"A few of our community members would go to multiple sites and take food from children and seek to build their financial portfolio on the children who did not have food today," said Superintendent Davis.

The district has remained flexible allowing families to pick up food at any of the sites. It will adjust its protocols to make sure people do not take advantage of the system.

School staff are now using a tracker to make sure parents are not cheating the system.

Parents will have to give their child’s name and school ID number in order to pickup food, and so they cannot pickup more than once.

“We want to make sure that children actually get the nutrition they need to be successful during the e learning process,” said Davis.
Posted by babylonsister | Fri Apr 24, 2020, 08:22 AM (3 replies)

Fox News Devotes Entire Segment to Mocking COVID-19 Positive CNN Anchors

Fox News Devotes Entire Segment to Mocking COVID-19 Positive CNN Anchors
Fox News’ Laura Ingraham took a break from misleading viewers about all things coronavirus to disparage those at CNN who have shared their experiences while battling the virus
By Peter Wade

Fox News’ Laura Ingraham took a break from misleading viewers about all things coronavirus to disparage those at CNN who have shared their experiences while battling the virus.

On Wednesday night, Ingraham, who regularly trolls in dangerous coronavirus advice like touting untested drugs and encouraging people to take part in anti-stay-at-home protests, devoted more than five minutes of her program to talk smack about the newscasters, complete with pre-packaged graphics.

Guest Raymond Arroyo began the segment by panning CNN’s talent — Chris Cuomo, Brooke Baldwin, and Richard Quest — who have, in one way or another, spoken on-air about contracting the virus and its ramifications.

“Laura, the first rule of journalism is: don’t inject yourself into the story,” Arroyo snarked, adding, “But there seems to be a deliberate attempt to graft a slew of CNN anchors onto this COVID crisis.”

“A number of them have contracted the virus and emoted their personal experiences,” Arroyo continued. “It almost appears they’ve launched a series of new reality shows. You could call this one ‘Are You Sicker Than a CNN Anchor?’”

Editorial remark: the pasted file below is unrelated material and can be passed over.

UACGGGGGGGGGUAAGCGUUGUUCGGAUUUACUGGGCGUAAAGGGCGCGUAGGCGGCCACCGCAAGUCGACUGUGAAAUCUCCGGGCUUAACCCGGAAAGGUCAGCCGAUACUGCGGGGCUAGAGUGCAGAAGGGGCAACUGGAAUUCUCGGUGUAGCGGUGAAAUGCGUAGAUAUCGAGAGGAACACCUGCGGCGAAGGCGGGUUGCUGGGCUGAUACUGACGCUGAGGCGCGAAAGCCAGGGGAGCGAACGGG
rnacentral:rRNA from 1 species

Posted by babylonsister | Thu Apr 23, 2020, 05:36 PM (6 replies)

Facing furor, Ruth's Chris high-end steak chain returns $20 million small business loan

Facing furor, Ruth's Chris high-end steak chain returns $20 million small business loan
The restaurant chain has been under fire for accepting stimulus loans earmarked for struggling small businesses.
April 23, 2020, 4:18 PM EDT / Updated April 23, 2020, 4:21 PM EDT
By Ben Popken

Ruth's Chris Steak House will return the $20 million coronavirus small business loan it procured from the government's $350 billion Paycheck Protection Program, the company announced Thursday.

The PPP was designed to throw a financial lifeline to the millions of small businesses who have seen revenues plunge due to social distancing lockdowns — but the hastily conceived program left thousands of applicants high and dry, after funds were snapped up in less than two weeks.

Ruth's Hospitality Group, which owns the Ruth's Chris Steak House brand operates more than 100 steakhouses across the United States, Canada and Mexico. It managed to secure two $10 million loans, one for each of its subsidiaries.

With fewer than 500 employees at each location, the company argued that it does meet the eligibility requirements for the loan and has had to furlough some employees.

However, the chain has been under fire for accepting stimulus loans earmarked for struggling small businesses, not multimillion-dollar corporations.


Posted by babylonsister | Thu Apr 23, 2020, 04:56 PM (17 replies)

Seth MacFarlane Calls Out Oprah for Popularizing "Dubious Characters" Dr. Phil and Dr. Oz

Seth MacFarlane Calls Out Oprah for Popularizing “Dubious Characters” Dr. Phil and Dr. Oz
The celebrity doctors have been spouting off misinformation about the coronavirus and its possible treatments
by Ben Kaye
on April 22, 2020, 11:26pm

Over the last few weeks, celebrity doctors Phil McGraw (a psychologist) and Mehmet Oz (a cardiothoracic surgeon) have been spouting off misinformation about the coronavirus and its possible treatments. Besides the fact that neither are actually trained in epidemiology, a common factor between the two TV docs is how they got their start: as guests on Oprah Winfrey’s talk show. That’s a connection Seth MacFarlane has recently taken issue with, calling on Oprah to “correct” the record on the pair of medical hosts.